Autism Awareness: From Fear to Freedom in the de Mata HouseholdBy: Manitoba Moose Staff | Published: March 4th 2019
Walking up to the da Mata home nestled in the beautiful town of Falcon Lake, their yard is strewn with bikes and toys of all kinds. Inside is the warmest, most generous family; bustling with the activity that comes with a 9-month- old, a 6-year-old and an 8-year-old.
Kristyn and Manny da Mata met in 2007 after Manny moved to Falcon Lake for work. In search of love, they were set-up by mutual friends.
Just a little more than a year later, Kristyn gave birth to their first child, Madden. A beautiful baby, Madden was quiet and relaxed. Together the couple imagined their son’s future; the possibilities seemed endless. Then, at 18 months old an unsettling feeling came about. Kristyn and Manny started to wonder if their son was deaf. Then one day Kristyn saw a television commercial for early autism detection.
“The commercial listed eight signs, and Madden literally had all of them,” said Kristyn.
After showing the commercial to Manny, the parents sought out a specialist. People born with autism spectrum disorder have trouble talking, listening, learning and playing. The news was shocking. All of those dreams for their son changed. The future became uncertain.
After choosing St.Amant to support Madden and their family, the da Matas waited an emotional and difficult six months for services.
“It was very frustrating. Madden wouldn’t listen, he was upset a lot because we didn’t know what he wanted and he was at risk of running away and getting hurt,” said Kristyn. “I felt helpless not knowing how to help my own child.”
St.Amant offers pre-school and school aged programs for children diagnosed with autism.
“St.Amant basically saved our lives,” said Manny. “They taught us how to communicate with Madden and for him to communicate with us. They taught us how to teach him. The support has changed all of our lives.”
“He loves to play ball. He’s a good big brother and has lots of friends at school. We know that this isn’t always the case for kids with autism, and we give a lot of credit to St.Amant,” said Kristyn.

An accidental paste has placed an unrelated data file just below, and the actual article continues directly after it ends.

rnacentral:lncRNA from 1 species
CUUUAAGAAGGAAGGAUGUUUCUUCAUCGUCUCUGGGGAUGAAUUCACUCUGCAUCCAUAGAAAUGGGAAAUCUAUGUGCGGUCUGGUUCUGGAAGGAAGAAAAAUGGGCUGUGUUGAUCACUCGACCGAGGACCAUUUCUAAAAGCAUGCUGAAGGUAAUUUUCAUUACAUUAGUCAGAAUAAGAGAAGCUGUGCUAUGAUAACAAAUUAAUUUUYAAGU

“We’re just so grateful. No one should have to do this alone,” said Manny.
Helping to make sure that families like the da Matas are not alone, the Manitoba Moose have been supporting St.Amant since their return to Winnipeg in the 2015-16 season. Funds raised in past season have gone toward St.Amant programs and services, including a new early learning classroom.
This season’s campaign gets underway Saturday, March 9 when players will wear special puzzle piece-themed Autism Awareness jerseys during their game vs. the Rockford Ice Hogs. Jerseys will then be auctioned in-game and online with proceeds going toward the St.Amant Foundation.
The Moose will provide a ‘quiet room’ for those attending the March 9 game who may need a break from the sights and sounds in the arena. The team will also publish a ‘Guide to the Game’ offering information to assist all fans in enjoying their experience at our Autism Awareness Game presented by Red River Co-op.
The campaign will continue at all six March home games where plush teddies sporting the special Autism Awareness jersey will be sold, also in benefit of the St.Amant Foundation.
Tickets for Manitoba Moose home games, including the Autism Awareness Game on Saturday, March 9, are available now at moosehockey.com/tickets.